The Muscle - Amy Lane Page 0,1


“No!” She laughed through her tears, which looked really hideous, in fact, but he preferred it to the hopeless sobbing. “You ass, I am not pregnant! Jesus. Why would you ask that?”

“Because I want to keep dancing with you,” he told her, because, duh! “And I was sort of hoping you weren’t knocked up. You can call me your emotional support animal all you want, but we both know I’m a selfish bitch, so you can’t be all that surprised.”

She sputtered, wiping her face on the loose T-shirt that hung over her leotard. “Dear God, Dylan Li. The things that come out of your mouth. Don’t!” She turned to him with horrified eyes; he’d been known to blurt out uncomfortable things about his sex life at the merest provocation. “Don’t even go there,” she told him sternly. “If I have to hear about some guy’s come that tasted like cinnamon gum, I will vomit. I don’t have to be pregnant to have standards.”

Dylan chuckled appreciatively, although, point of fact, there hadn’t been a guy or a hookup or whatever for a couple of months now. He refused to dwell on why that was because then he might have to put a name to….

He wasn’t going to do it.

“Well, fine,” he told Tabby, suddenly grateful she had problems for purely selfish reasons. “I won’t tell you about cinnamon come, but you will tell me why you’re dancing like shit. We go live with this show in three weeks, babycakes. You can’t afford to suck donkey balls now!”

She let out a shaky breath. “Except it might not,” she whispered, and Dylan’s heart froze.


“Oh, Dylan. It’s awful. My grandfather might lose everything. His lease on the studio, his performance contracts, everything. It’s not fair! And there’s nothing I can do about it. Nothing!”

Dylan took a few deep breaths and tried to center himself. “Aether Conservatory?” he asked, just to make sure. His parents traveled the globe, mostly looking after their financial interests in Hong Kong. Dylan had been left alone with nannies and housekeepers at a very young age. He tended to be destructive when bored or lonely, and only two things had kept him from flaming out in a big ball of drugs and id.

His best friend, Josh Salinger, was one of them, and dance—specifically dancing at Aether Conservatory—was the other.

“You will explain that,” he said to Tabitha, needing to hear the details.

The more she spilled, the longer she spoke, the more he realized that maybe the gods of chaos really were looking out for him.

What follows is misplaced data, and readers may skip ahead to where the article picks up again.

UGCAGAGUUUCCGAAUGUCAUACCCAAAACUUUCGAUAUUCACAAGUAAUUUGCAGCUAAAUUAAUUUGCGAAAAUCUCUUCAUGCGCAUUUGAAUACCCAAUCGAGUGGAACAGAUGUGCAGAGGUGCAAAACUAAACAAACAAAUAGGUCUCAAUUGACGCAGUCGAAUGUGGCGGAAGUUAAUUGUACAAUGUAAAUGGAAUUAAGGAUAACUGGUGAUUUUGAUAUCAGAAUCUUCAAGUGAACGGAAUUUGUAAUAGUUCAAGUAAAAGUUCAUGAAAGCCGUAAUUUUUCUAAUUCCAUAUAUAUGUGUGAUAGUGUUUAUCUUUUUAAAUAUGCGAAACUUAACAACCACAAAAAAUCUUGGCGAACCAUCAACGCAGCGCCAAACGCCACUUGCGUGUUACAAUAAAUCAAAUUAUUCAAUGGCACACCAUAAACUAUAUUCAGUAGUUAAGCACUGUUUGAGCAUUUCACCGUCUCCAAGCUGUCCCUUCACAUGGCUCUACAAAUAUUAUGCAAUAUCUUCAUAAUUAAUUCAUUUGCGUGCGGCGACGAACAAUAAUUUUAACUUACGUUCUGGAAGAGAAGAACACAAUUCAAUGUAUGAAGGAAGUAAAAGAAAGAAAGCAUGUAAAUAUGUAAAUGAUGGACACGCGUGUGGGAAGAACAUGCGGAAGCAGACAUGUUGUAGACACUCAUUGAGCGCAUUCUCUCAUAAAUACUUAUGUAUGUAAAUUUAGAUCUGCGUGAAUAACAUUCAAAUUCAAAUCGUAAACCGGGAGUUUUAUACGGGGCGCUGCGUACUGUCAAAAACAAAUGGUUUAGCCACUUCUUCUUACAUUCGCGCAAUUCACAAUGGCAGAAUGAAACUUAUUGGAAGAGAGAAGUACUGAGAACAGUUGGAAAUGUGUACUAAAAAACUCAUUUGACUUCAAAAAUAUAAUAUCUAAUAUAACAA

Because Dylan Li, and his friendship with Josh Salinger, might be the only things to save the dance company that had saved his life.

Predatory Animal

After Paulie, Before Josh


Hunter Rutledge woke up sweating, shaking, and cold. God. Fucking dream. Why? Why did he have to remember it? Keep remembering it for the past eight months?

Him and Paulie, outside their employer’s mansion in Arizona, scanning the dusty confines of the compound with restless eyes.

“Did he say why we’re going now?” Hunter asked.

Paulie shook his blond head grimly and arched a mischievous brow. “I know his timing could have been better,” he said dryly, and if Hunter had been anyone else, he would have smirked.

Paulie Claymore had a slender, tight little body and was one of the sweetest assholes Hunter had ever had the privilege to plow. He and Paulie had been off duty when the phone rang in their guest quarters. It had been their boss, telling them they were on emergency duty because the guys who were supposed to be on shift had gone into town for….

Yeah. There was no reason. The guys had just flaked.

Hunter had been a mercenary for three years after his six-year stint with the corps—bodyguard work mostly, with a few stretches of industrial security. He knew what good logistics were and he knew when things were fishy—and this was definitely fishy. But, well, he and Paulie had a job to do.

They’d been guarding Ronald Pinter, industrialist, ex-cattle-rancher, and entrepreneur, for the past three months, and the guy had “paranoid drug user” written all over him. Hunter hated the job. Pinter refused to tell his people what he was so afraid of, and every time Hunter saw him, with his wet eyes and red, runny nose, he expected Pinter’s brains to explode.

The job was sketchy, and after three months, Hunter wanted out. But first he wanted Paulie to come with him.

He and Paulie had been hired at the same time, both of them referred